Twitter search is your gateway to unlocking potential, uncovering communities and tracking down news and opportunity across the channel. In a firehose where 7,000 tweets are sent every second (and that’s just on a Wednesday afternoon) Twitter search is your tool for sifting through.
Twitter search comes with an array of different options that most Twitter users don’t even know about. Want to find only tweets that contain links? No problem! Want to search for a keyword on someone’s feed? Sure thing!
Even when you’re focused on just searching for a specific user there are a ton of options. Do you want to see tweets sent to that user, tweets mentioning the user or tweets from that user? Do you want to search by bio, account or people you follow?
Once you have the basics under your belt, Twitter advanced search is a gold mine of information, tweets and opportunity. Allowing you to find sales leads, keep a close eye on your brand and be the first on the scene of news or industry developments.
To uncover the best Twitter tips and everything you need to know about Twitter search, read on…
Twitter Search Guide
Here you have a few options. The most well-known will be Twitter’s search bar. You’ve probably already used this in the past to look up a Twitter user or hashtag. If you haven’t, it’s on the Twitter homepage in the right hand corner.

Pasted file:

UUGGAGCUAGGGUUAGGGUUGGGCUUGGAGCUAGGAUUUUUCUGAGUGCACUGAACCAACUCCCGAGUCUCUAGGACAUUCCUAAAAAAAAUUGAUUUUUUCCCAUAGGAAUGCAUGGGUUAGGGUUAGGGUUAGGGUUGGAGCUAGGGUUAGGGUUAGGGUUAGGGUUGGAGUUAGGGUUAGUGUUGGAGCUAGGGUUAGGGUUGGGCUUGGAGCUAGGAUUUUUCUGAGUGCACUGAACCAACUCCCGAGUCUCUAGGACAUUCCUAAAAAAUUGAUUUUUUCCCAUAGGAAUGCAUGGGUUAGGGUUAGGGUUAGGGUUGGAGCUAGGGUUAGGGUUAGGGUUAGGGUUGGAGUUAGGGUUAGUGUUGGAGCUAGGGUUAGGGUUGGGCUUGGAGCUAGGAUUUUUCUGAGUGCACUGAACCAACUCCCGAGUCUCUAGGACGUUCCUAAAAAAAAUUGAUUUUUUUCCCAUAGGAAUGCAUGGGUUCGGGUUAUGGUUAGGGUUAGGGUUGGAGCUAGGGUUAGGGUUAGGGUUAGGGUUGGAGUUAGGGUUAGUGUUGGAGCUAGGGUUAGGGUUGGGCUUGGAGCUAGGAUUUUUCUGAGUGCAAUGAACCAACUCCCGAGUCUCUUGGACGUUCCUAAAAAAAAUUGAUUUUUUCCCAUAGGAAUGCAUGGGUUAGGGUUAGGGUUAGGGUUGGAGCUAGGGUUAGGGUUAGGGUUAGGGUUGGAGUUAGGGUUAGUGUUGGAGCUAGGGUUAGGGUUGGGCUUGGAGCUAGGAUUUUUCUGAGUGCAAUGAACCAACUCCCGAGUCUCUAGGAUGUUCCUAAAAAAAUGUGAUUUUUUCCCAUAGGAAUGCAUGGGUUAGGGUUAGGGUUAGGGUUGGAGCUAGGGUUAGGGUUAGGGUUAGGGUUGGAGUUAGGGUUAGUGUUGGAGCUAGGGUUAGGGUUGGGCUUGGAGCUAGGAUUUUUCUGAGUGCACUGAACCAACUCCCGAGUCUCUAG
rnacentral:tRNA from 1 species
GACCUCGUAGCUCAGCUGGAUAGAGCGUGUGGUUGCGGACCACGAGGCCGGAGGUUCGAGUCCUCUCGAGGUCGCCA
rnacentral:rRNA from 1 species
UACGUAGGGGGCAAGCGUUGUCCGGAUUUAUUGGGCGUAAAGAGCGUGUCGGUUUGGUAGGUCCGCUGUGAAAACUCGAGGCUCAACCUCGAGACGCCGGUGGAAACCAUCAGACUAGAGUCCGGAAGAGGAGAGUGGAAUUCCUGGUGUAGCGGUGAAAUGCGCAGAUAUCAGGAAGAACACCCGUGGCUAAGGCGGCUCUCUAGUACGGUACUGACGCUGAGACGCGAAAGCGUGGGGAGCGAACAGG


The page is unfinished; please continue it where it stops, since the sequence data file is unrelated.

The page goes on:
On mobile, you’ll see the look up icon in the same place – top right.
To use the Twitter search bar you can type in a phrase, hashtag or username and as well as seeing a dropdown of top options, you can also go through to a twitter search results page, not dissimilar to Google.
Here the results will usually be ordered in this priority:
Any big news stories – (particularly if you’ve searched something that’s happening in realtime such as a recent royal announcement).
Accounts – if there are any accounts matching your search terms then these will surface next, allowing you to follow that user or look at their tweets.
Top tweets – if there are no accounts or big news stories, you’ll see the ‘top’ tweets instead. According to the Twitter blog, top tweets “finds the Tweets that have caught the attention of other users”. These are selected by an algorithm that looks at number of retweets, likes and clicks. This means that the ‘top tweets’ you see may not necessarily be the most up-to-date or relevant.